As I’ve written many times, though technically illegal, patients are not prosecuted for importing medication for their own use. I like how the National Academy for State Health Policy phrases it:
“The FDA chooses to exercise enforcement discretion to not prosecute individuals who fill their prescriptions ex-U.S. so long as the drugs are for personal use and the amount does not exceed a personal-use threshold of 90 days.”
But that courtesy does not (and in many cases should not) extend to people who illegally import wholesale quantities or who import for re-sale of any kind. These people get busted. That’s precisely what happened to a New Hampshire couple, John Hayes and Plabpleung Hayes, who ended up pleading guilty to illegally importing wholesale quantities of medication and reselling it in the U.S.
This illegal drug importation threatens public health and should stand in stark contrast to filling a personal prescription from a pharmacy in Canada or other countries. Ordering medication internationally can be of great help to people who can’t afford medication here in the U.S. and should not be confused with illegal drug importation for re-sale. (more…)
Why does Gleostine (lomustine), above, cost 1400% more than…
Lomustine is a medication that treats cancer, which was discovered in 1976. Recently, a drug company bought the rights to market the 100 mg version of Lomustine in the U.S. and increased its price by 1400%. As a result, Americans with brain tumors are now struggling to afford this off-patent drug or simply going without it altogether. They don’t have to because Lomustine is available in Canada. There, Lomustine is marketed under the name “CeeNU” at a 97% discount.
Until 2013, CeeNU was sold by Bristol-Myers Squibb, Co. and even available at U.S. pharmacies for about $50/pill. Now, made by a company called Corden Pharma Latina SPA, the drug is sold in the United States under the name Gleostine, which is the new – and only – FDA-approved version. Gleostine is distributed by a “start-up” drug company called Next Source Biotechnology LLC, for $768/pill. Yes, this sounds like what Martin Shkreli of Turing Pharmaceuticals did back in 2015 with Daraprim when he jacked the price from $13.50 to $750 a pill.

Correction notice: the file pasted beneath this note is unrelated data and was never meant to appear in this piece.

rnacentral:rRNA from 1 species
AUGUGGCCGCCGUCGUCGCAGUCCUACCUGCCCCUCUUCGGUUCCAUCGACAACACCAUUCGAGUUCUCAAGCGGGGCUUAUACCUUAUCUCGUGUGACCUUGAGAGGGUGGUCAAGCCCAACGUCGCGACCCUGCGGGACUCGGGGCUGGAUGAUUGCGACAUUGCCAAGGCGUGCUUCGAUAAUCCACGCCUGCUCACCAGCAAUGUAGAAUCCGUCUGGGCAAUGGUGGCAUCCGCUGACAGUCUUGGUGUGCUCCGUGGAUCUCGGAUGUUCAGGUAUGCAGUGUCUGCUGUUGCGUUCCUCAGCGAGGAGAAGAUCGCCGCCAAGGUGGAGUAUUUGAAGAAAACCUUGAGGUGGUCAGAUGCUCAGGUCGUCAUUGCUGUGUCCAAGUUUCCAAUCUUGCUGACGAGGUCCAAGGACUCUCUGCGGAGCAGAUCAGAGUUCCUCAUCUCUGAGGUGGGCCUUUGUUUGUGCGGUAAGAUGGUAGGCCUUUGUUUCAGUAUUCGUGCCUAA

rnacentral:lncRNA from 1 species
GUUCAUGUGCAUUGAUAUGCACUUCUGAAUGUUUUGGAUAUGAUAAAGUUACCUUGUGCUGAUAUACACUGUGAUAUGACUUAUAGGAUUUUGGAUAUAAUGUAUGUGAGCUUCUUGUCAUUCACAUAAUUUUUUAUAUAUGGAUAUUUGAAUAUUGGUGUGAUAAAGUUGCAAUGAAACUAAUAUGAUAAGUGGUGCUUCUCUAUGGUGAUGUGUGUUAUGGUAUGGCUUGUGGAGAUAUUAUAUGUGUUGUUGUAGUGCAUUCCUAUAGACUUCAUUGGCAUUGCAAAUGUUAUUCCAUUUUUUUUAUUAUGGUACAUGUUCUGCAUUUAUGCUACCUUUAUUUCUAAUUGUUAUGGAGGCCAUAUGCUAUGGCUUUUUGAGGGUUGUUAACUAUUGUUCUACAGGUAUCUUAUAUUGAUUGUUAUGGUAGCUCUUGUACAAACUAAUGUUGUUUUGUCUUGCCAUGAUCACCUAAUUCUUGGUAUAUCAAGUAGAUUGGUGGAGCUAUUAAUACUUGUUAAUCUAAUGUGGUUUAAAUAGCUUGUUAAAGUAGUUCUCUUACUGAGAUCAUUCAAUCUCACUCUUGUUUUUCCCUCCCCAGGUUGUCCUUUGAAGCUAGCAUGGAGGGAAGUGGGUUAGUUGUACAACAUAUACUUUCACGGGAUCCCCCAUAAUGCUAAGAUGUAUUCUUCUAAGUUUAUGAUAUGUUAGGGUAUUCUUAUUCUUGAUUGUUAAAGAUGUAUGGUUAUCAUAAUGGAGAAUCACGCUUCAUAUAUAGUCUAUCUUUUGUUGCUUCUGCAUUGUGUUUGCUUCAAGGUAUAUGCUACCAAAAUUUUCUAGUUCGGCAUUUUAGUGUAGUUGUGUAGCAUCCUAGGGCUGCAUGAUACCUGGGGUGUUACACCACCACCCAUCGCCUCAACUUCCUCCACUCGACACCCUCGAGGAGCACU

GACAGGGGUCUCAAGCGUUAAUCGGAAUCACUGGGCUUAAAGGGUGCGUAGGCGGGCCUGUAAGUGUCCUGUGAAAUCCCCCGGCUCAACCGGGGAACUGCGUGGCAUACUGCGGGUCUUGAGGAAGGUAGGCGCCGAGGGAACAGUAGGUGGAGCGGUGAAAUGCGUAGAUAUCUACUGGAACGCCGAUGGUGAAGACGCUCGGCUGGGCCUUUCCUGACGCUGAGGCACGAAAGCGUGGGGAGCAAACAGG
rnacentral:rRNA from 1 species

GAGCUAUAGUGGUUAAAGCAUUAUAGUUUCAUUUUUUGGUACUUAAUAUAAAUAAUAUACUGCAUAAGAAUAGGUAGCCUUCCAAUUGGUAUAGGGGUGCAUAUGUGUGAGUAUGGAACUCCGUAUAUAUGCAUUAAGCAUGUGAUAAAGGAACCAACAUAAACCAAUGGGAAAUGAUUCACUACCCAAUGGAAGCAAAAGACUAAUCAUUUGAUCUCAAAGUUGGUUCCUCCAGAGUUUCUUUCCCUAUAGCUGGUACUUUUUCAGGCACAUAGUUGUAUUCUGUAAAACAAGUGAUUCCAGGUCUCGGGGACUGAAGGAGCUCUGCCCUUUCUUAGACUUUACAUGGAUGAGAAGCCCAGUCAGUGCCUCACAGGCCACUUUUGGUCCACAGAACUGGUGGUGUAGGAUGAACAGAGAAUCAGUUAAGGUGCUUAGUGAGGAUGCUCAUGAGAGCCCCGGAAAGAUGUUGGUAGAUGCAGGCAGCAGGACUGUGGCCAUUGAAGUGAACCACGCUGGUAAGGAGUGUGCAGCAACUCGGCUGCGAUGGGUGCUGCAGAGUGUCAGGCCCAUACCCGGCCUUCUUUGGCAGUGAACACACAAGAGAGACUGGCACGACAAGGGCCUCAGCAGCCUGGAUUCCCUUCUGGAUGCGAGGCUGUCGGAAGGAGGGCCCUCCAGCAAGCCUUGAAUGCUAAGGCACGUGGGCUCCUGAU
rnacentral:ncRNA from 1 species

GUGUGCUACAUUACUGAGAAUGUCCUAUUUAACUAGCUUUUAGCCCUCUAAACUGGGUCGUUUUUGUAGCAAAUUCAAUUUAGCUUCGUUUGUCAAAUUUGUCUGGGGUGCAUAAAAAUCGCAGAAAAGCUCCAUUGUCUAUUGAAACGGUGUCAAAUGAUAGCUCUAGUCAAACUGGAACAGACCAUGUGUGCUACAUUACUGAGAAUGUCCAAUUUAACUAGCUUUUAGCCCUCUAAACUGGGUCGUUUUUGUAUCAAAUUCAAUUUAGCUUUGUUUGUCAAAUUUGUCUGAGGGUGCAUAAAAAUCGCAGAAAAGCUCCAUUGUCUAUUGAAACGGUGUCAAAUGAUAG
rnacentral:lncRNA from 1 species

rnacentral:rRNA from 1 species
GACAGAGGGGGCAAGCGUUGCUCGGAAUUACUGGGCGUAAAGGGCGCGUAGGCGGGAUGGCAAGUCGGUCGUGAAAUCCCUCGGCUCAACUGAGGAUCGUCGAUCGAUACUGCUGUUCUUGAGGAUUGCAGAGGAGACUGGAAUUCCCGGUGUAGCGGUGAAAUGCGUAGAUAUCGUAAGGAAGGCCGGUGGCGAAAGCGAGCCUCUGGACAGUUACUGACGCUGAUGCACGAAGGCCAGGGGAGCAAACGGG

As we close out 2017, personal drug importation via online pharmacies remains a viable lifeline for American patients who can’t afford prices at their local pharmacies. Recent FDA actions against pharmacy storefront offices in Florida, ones that help Americans buy more affordable meds internationally, are troubling. On a positive note, a backlash against that crackdown by members of Congress, including Senators Bill Nelson (D-FL), Chuck Grassley (R-IW), and Amy Klobuchar (D-MN) has begun and will certainly grow. But what’s most on my mind is the FDA’s vocabulary about drug importation and how people tend to confuse certain terms.
In its efforts against personal drug importation, the FDA tells the public that it’s protecting them from misbranded and unapproved drugs. Those designations sound scary and who would want such drugs? Well, Americans would. The fact is, whatever the FDA wants to call them, if medications are lawfully-produced under Good Manufacturing Practices, properly dispensed by a licensed professional and shipped by mail order, Americans are interested.
Oh, and these drugs are a hell of a lot cheaper.
Despite the clear advantages, these medications deemed to be misbranded or unapproved under U.S. law can be refused import by the FDA even if they are equally as safe and effective or the exact same as the medications sold in the U.S.